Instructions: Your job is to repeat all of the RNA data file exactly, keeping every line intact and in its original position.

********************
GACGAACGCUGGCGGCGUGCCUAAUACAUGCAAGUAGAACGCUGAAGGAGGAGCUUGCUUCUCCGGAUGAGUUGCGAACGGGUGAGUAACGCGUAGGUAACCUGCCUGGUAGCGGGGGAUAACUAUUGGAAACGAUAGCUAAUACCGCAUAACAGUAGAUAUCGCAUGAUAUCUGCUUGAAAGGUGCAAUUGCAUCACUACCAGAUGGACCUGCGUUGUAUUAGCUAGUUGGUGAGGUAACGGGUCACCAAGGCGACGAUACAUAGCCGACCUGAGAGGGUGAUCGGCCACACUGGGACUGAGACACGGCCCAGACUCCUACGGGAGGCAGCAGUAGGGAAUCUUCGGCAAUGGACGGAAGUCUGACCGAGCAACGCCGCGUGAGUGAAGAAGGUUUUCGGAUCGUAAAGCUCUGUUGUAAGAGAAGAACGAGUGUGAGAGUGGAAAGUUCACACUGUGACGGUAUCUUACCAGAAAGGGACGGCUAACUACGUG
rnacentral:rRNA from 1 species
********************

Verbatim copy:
GACGAACGCUGGCGGCGUGCCUAAUACAUGCAAGUAGAACGCUGAAGGAGGAGCUUGCUUCUCCGGAUGAGUUGCGAACGGGUGAGUAACGCGUAGGUAACCUGCCUGGUAGCGGGGGAUAACUAUUGGAAACGAUAGCUAAUACCGCAUAACAGUAGAUAUCGCAUGAUAUCUGCUUGAAAGGUGCAAUUGCAUCACUACCAGAUGGACCUGCGUUGUAUUAGCUAGUUGGUGAGGUAACGGGUCACCAAGGCGACGAUACAUAGCCGACCUGAGAGGGUGAUCGGCCACACUGGGACUGAGACACGGCCCAGACUCCUACGGGAGGCAGCAGUAGGGAAUCUUCGGCAAUGGACGGAAGUCUGACCGAGCAACGCCGCGUGAGUGAAGAAGGUUUUCGGAUCGUAAAGCUCUGUUGUAAGAGAAGAACGAGUGUGAGAGUGGAAAGUUCACACUGUGACGGUAUCUUACCAGAAAGGGACGGCUAACUACGUG
rnacentral:rRNA from 1 species